Wham! You didn't see it coming. Somebody hit you, or you them. You hear the thud of metal on metal, maybe broken glass or an airbag puff, and you're into it. A car accident.
You're stunned. What next?
Here is the time to get past your shocked state and remember some basics. It may be you can't move. It may be you're in pain. In that case, leave everything to the ambulance crew which will shortly arrive, get you gently onto the stretcher, into the ambulance, and away to the hospital.
What if you can move under your own power? Of course the usual common sense about getting insurance info applies, but are you really OK? Maybe....maybe not. Traumatic injuries to the intervertebral discs- the shock absorbers of the spine, or the ligaments of the knees and shoulders might not show up right away. They may take time to manifest themselves in the form of swelling, spasm, or pain.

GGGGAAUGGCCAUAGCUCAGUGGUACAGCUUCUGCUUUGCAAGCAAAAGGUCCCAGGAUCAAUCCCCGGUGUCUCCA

So go to the emergency room, even if you think you've got someplace to be. Go to a follow up doctor. Go to an orthopedist. Get an MRI or a catscan.
Why? Firstly, for your health. Secondly, for the case you may or may not have. Yes, doctors know these injuries may turn up later. But laymen don't. Even though pain may not get you to a doctor until days later, defense counsel love to confound a jury with your so called "delay in treatment."
"What?" they ask you, "You didn't see a doctor for a week?" Yes, it can be very normal for symptoms to arise later. But the idea is counter-intuitive and a jury may not accept that a real injury did not require immediate attention. So don't let it become a debate. Go be seen.
Also, file your "no fault" application within 30 days. Your own auto insurance will pay your medical bills, but only if you file the "no fault" application within 30 days of the accident. It used to be 90 days, but politics changed that. I'll get into the politics in another post.
When time allows, go to the police station and get a copy of the police report. It will become the main information source to the insurance companies in any claim to follow. Don't wait too long, or the report gets filed in Albany and becomes harder to get.
Take good pictures of any damage to your car.
Keep your head, and if need be, see a lawyer when you are physically able.